You must, of course, guard against excess either in the time they occupy, or in the importance given them; for if you devote too much time, they cease to be recreations and become occupations; you do not refresh the mind or body—on the contrary, you overpower and stun both … if the interest of the game is too deep, it produces over-anxiety … especially avoid attaching yourselves to them, for however allowable such things are as amusements, they become evils as soon as they absorb the heart (Introduction to the Devout Life).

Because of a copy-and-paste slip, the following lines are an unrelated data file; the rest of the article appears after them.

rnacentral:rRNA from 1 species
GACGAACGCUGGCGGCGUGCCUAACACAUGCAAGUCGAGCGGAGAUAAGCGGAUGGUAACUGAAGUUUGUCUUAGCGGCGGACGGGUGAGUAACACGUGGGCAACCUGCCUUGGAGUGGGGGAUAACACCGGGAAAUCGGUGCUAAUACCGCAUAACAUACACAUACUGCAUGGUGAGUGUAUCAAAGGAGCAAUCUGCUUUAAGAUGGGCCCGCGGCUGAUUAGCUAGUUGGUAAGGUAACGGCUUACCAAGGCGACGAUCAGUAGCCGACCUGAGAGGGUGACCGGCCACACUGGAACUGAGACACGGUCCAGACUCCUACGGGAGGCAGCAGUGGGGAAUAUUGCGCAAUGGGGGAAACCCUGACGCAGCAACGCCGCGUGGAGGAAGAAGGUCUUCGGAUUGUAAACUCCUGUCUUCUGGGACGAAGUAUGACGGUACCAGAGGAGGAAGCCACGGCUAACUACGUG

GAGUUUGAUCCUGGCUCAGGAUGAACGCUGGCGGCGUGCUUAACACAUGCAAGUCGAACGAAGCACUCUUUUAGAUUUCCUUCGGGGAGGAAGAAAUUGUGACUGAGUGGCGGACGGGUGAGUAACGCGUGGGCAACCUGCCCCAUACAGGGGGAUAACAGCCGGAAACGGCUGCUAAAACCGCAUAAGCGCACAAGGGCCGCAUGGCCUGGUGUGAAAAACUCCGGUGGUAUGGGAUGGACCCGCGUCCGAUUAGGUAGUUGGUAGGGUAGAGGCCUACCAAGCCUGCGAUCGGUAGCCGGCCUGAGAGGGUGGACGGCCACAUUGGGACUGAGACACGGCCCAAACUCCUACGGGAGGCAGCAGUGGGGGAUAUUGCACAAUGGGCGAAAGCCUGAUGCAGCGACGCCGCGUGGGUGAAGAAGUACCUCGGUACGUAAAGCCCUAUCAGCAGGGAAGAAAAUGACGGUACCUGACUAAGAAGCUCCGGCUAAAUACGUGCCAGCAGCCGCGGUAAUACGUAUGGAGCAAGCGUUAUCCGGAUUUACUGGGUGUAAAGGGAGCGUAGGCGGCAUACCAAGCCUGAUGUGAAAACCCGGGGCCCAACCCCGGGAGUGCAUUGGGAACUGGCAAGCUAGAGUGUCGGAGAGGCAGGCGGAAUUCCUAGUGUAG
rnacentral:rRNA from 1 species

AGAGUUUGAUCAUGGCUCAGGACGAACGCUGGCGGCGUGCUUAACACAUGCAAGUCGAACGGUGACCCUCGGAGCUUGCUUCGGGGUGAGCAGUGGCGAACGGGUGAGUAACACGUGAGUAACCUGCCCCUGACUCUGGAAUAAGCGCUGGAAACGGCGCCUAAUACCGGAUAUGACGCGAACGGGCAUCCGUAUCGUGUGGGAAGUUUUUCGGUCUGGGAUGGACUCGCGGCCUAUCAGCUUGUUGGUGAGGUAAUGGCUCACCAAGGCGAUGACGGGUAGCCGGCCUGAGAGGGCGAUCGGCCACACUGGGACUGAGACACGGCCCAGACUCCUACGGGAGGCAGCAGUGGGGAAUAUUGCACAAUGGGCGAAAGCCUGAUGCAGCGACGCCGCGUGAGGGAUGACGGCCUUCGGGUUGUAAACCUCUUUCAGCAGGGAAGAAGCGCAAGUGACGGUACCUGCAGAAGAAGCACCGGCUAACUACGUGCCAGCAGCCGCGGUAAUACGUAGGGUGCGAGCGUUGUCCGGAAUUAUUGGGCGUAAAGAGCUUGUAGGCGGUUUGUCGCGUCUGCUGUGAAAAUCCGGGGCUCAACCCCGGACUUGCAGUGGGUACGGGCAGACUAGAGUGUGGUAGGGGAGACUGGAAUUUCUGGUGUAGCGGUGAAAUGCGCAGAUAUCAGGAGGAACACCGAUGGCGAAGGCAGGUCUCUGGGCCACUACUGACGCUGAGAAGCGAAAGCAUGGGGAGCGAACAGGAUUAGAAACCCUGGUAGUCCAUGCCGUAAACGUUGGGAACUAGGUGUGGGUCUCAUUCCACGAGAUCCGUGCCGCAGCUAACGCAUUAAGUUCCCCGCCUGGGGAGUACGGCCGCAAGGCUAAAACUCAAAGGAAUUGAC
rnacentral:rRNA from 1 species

If Francis wrote this about the danger of sports in his day, I wonder what he would think about the danger of sports in ours. This Super Bowl Sunday, and in fact any time we either play or watch sports, we would do well to ask ourselves those questions: “is this taking up too much of my time?” “Is this refreshing to my mind and body or is it overpowering them?” “Is this a source of anxiety for me?” “Am I attached to this particular sport, team, or game?” “Is this merely an amusement, or has this absorbed my heart?” This sort of reflection will enable us to enjoy sports for what they are meant to be, and guard us against their less desirable tendencies. It will also remind us that no matter how big, how popular, and how extravagant the game is, it is still just a game, and who wins or loses doesn’t matter at all. Who does matter is the one who should be our model, who should occupy all of our heart, all of our mind, and all of our strength (Deuteronomy 6:4). Let’s pray that this Super Bowl Sunday, the 100+ million Americans who tune in to the game do so as an act of recreation, and not as an act of worship.